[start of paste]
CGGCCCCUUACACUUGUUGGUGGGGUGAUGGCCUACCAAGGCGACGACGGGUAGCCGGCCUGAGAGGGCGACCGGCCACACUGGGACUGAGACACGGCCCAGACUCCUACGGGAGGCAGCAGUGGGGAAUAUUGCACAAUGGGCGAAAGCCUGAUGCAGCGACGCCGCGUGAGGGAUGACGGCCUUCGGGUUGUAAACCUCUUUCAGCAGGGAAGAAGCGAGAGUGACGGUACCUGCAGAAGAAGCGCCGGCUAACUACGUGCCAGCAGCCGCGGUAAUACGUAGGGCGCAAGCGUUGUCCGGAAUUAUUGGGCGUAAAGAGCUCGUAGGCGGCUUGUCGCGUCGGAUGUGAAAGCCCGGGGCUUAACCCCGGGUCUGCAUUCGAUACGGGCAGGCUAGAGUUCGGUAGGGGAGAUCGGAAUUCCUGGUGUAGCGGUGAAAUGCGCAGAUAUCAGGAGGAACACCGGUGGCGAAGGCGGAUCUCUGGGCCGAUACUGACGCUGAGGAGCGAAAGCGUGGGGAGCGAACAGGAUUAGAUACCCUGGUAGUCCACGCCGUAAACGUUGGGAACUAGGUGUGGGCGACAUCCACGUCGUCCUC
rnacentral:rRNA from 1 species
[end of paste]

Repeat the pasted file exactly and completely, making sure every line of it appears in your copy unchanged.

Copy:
CGGCCCCUUACACUUGUUGGUGGGGUGAUGGCCUACCAAGGCGACGACGGGUAGCCGGCCUGAGAGGGCGACCGGCCACACUGGGACUGAGACACGGCCCAGACUCCUACGGGAGGCAGCAGUGGGGAAUAUUGCACAAUGGGCGAAAGCCUGAUGCAGCGACGCCGCGUGAGGGAUGACGGCCUUCGGGUUGUAAACCUCUUUCAGCAGGGAAGAAGCGAGAGUGACGGUACCUGCAGAAGAAGCGCCGGCUAACUACGUGCCAGCAGCCGCGGUAAUACGUAGGGCGCAAGCGUUGUCCGGAAUUAUUGGGCGUAAAGAGCUCGUAGGCGGCUUGUCGCGUCGGAUGUGAAAGCCCGGGGCUUAACCCCGGGUCUGCAUUCGAUACGGGCAGGCUAGAGUUCGGUAGGGGAGAUCGGAAUUCCUGGUGUAGCGGUGAAAUGCGCAGAUAUCAGGAGGAACACCGGUGGCGAAGGCGGAUCUCUGGGCCGAUACUGACGCUGAGGAGCGAAAGCGUGGGGAGCGAACAGGAUUAGAUACCCUGGUAGUCCACGCCGUAAACGUUGGGAACUAGGUGUGGGCGACAUCCACGUCGUCCUC
rnacentral:rRNA from 1 species